Betsy’s advice that blood is thicker than water resonated with me; however, I didn’t understand the sentiment until now. This week my parents visited and before their arrival I hadn’t realized how much I missed them. As usual, they came to the rescue in every way possible. My dad fixed the door to my room (who knew it could close?) and solved my malfunctioning email, and my mom came stocked with an endless supply of medicine and clothes. During their stay in Barcelona I showed them the places I frequent. We walked through one of the many University of Barcelona buildings, and my parents stared in awe at the courtyard with beautiful greenery and a little pond that I walk through to get to class. We also ate lunch at one of my favorite cafés by the school with delicious sandwiches (that European bread though). We also had dinner with some of my closest friends here, and as always my friends loved them.

Interestingly, although I felt more secure with my parents’ presence, since neither of my parents speaks a word of Spanish, I often led the way and did all of the communicating. My dad tried speaking French to a couple locals only to receive blank stares, and my mom spoke English to everyone even if they responded in Spanish (I reminded her that no matter how slowly she spoke English they would not understand her…). One night, I engaged in an interesting conversation with a taxi driver, and since he only spoke Spanish I translated the conversation to my parents. In this moment I realized how much my ability to understand spoken Spanish has improved over the past two months.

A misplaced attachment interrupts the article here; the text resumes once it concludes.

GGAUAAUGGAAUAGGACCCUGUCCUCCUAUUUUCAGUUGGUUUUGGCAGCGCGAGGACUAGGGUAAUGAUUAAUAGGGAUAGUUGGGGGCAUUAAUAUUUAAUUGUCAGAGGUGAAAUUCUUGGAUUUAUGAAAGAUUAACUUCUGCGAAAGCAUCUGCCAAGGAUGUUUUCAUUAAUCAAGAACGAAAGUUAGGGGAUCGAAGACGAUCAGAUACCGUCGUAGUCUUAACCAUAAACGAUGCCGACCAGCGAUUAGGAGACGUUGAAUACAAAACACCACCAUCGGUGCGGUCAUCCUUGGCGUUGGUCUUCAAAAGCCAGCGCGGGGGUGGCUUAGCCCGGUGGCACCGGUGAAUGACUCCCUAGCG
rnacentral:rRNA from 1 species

On Sunday night I went to my parent’s hotel for the last time. It was hard to believe that our time together had come to an end. As we said our goodbyes I was overwhelmed with emotion in a way that I had not felt in a long time. As soon as I stepped out of the hotel I burst into tears. “Of course this has to be happening on the street with the most tourists in all of Barcelona,” I thought. These are the times my 20-minute walk home feels like an eternity, and I prayed to not cross paths with anyone I knew.

As painful as it was to say goodbye, walking through Las Ramblas with mascara streaming down my face I couldn’t help but feel grateful to have parents that gifted me this experience.

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El poder de estar sola

Cuando fui a la universidad, estaba sola por primera vez.  No tenía una hora de acostarme, vivía con mis compañeras, y siempre estaba rodeado con amigas.  Durante esta época, me sentía independiente; sin embargo, después de viajar afuera, “ser independiente” tiene un sentido totalmente diferente para me.  No tengo la red de seguridad de mi familia, mis amigas de juventud, y mi lengua nativa.  Podría estar asustada, y evitar lo desconocido, pero he descubierto que estar en un lugar extranjero se libera. Hay que tomar riesgos para que puedas llegar a ser la versión más auténtica de ti mismo.